Game designer and graphic illustrator Kyle McKernan …

“I think one of the most inspirational things about this game that I’d love to try in my own work is the idea of simply giving the player most or all of their tools at the beginning and building the world/mechanics to allow for emergent gameplay from there. The different abilities are such a joy to play with in this game that I didn’t feel like I was choosing a lesser method when I decided to do something really silly to take out a bunch of enemies.”

JF Major of Tribute Games…

“I would love to see a Diablo with no repairing. Did that gear just break on you? Tough luck, go find new gear! One thing Zelda has always taught me is how to become a hoarder. Whether it be for rupees, heart pieces or items, I want them all! And that is something common in most games. My Diablo bags are always an item away from being full. So when I first heard of breakable weapons and shields for Breath of the Wild, I had my doubts.

I remember throwing one of my first weapons down a cliff by accident when learning the controls and immediately reloading a save file to fix that mishap. But as I got deeper into the game, I started enjoying that mechanic. Yes, sometimes I wish some weapons would last forever, but when I’m down to my last poor selection of weapons, I have to find new imaginative ways to defeat my foes. It also encourages me to master different weapon types and play styles which forces me out of my comfort zone. I would love to see a Diablo with no repairing. Did that gear just break on you? Tough luck, go find new gear!”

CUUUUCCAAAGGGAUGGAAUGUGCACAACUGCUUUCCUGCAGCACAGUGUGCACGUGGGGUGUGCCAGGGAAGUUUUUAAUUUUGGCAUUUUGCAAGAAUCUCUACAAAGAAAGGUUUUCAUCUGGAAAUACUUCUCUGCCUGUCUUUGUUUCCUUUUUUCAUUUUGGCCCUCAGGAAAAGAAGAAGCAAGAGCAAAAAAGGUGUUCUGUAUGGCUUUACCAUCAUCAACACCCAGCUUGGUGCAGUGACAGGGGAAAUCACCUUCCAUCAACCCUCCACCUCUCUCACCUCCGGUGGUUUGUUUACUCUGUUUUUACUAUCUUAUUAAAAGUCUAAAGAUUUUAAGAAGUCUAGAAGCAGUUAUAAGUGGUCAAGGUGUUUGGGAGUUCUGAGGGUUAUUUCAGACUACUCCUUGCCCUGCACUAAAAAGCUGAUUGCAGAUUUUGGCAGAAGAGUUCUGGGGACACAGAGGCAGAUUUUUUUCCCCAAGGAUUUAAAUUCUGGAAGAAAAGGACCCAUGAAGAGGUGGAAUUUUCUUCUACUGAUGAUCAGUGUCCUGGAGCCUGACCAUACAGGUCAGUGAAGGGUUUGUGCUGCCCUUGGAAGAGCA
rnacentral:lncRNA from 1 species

Megan Fox, a former programmer on Lego Universe…

“The climbing and weapons degradation are the best examples. Those have been attempted in I suspect hundreds of games, but always came off as hacky and generally unfun. That Nintendo got them to be amazing is less a testament to ‘wow being able to stick to everything is great!’ or ‘wow I love it when my sword breaks mid-fight’, but to the immense amount of time Nintendo invested in figuring out how to incorporate those without them making players immediately gag or spike their controllers into the floor.

Nevermind the big-budget scale and the grandeur, finally setting foot upon the massive fantasy kingdom that always shimmered in our imaginations, and laying hands upon the tools to traverse and manipulate the world however we like. Here’s all I really want: in a few years time, to look at some clever new project that trusts its players to experiment and explore and say “yes, this is clearly a post-Breath of the Wild game.”

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18 comments

  1. That game been in development for 5 years and the mechanic is looking good then better. You know, they could at least make the Master sword last for 70 trys. So that way we can still used it a little more.

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      1. Not really in this game. The more damage you do in less hits means potentially less chances for strong enemies to get a good number of hits on you.

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      2. The master sword basically will be in permanent power up mode, like when fighting guardians. This means that it’s attack is always at 60, and it’s durability is increased.

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    1. The fact it doesn’t break completely, and recharges fairly fast is fair enough to me.

      I know everyone has an opinion on the weapon degredation system, but frankly this is the one time I’m glad Nintendo didn’t ask our opinion, and just did what they thought was right.

      Nintendo and I may not be on speaking-terms anymore, but hot-damn was this game amazing.